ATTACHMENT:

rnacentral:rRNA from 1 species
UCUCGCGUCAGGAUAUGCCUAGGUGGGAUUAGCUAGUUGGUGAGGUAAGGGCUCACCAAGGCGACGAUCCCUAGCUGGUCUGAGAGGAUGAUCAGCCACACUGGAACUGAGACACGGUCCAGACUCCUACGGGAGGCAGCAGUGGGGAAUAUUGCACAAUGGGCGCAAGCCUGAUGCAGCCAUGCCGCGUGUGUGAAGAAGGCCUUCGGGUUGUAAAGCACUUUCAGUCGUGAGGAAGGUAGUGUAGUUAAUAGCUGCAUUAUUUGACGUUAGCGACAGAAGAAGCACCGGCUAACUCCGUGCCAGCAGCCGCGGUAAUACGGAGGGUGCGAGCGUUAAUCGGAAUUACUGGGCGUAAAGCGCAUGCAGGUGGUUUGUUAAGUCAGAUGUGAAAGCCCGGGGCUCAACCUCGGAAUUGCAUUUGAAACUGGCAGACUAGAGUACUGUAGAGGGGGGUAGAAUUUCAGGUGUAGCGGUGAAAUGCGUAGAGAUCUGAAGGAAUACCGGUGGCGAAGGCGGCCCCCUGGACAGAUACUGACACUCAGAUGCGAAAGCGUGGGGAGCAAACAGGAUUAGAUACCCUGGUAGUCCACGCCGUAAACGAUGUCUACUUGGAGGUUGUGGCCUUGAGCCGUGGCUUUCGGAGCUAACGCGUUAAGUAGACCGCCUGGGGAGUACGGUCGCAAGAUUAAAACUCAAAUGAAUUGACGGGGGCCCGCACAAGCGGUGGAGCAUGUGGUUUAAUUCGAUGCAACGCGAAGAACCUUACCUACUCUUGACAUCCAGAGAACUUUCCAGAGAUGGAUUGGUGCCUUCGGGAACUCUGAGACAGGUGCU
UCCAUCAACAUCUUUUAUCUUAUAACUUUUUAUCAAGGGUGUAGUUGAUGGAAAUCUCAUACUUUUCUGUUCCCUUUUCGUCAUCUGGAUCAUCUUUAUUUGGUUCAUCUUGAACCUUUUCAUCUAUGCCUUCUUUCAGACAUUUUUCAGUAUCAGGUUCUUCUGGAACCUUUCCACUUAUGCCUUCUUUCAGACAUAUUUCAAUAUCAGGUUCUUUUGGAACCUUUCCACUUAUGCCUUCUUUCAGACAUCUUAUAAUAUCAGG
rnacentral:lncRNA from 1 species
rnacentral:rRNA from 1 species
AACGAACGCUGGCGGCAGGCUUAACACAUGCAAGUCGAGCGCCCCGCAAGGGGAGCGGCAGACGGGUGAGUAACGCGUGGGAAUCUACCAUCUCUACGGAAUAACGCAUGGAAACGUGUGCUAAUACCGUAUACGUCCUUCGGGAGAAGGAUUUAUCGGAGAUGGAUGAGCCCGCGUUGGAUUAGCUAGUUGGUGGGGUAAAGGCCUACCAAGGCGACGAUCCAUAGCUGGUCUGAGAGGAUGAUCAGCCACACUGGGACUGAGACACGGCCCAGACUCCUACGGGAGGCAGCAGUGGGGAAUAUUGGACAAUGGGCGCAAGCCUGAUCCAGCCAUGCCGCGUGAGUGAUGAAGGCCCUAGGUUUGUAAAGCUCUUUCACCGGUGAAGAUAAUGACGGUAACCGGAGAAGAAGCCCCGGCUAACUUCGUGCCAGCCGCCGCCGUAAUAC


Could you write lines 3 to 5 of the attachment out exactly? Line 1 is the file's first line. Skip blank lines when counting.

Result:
UCCAUCAACAUCUUUUAUCUUAUAACUUUUUAUCAAGGGUGUAGUUGAUGGAAAUCUCAUACUUUUCUGUUCCCUUUUCGUCAUCUGGAUCAUCUUUAUUUGGUUCAUCUUGAACCUUUUCAUCUAUGCCUUCUUUCAGACAUUUUUCAGUAUCAGGUUCUUCUGGAACCUUUCCACUUAUGCCUUCUUUCAGACAUAUUUCAAUAUCAGGUUCUUUUGGAACCUUUCCACUUAUGCCUUCUUUCAGACAUCUUAUAAUAUCAGG
rnacentral:lncRNA from 1 species
rnacentral:rRNA from 1 species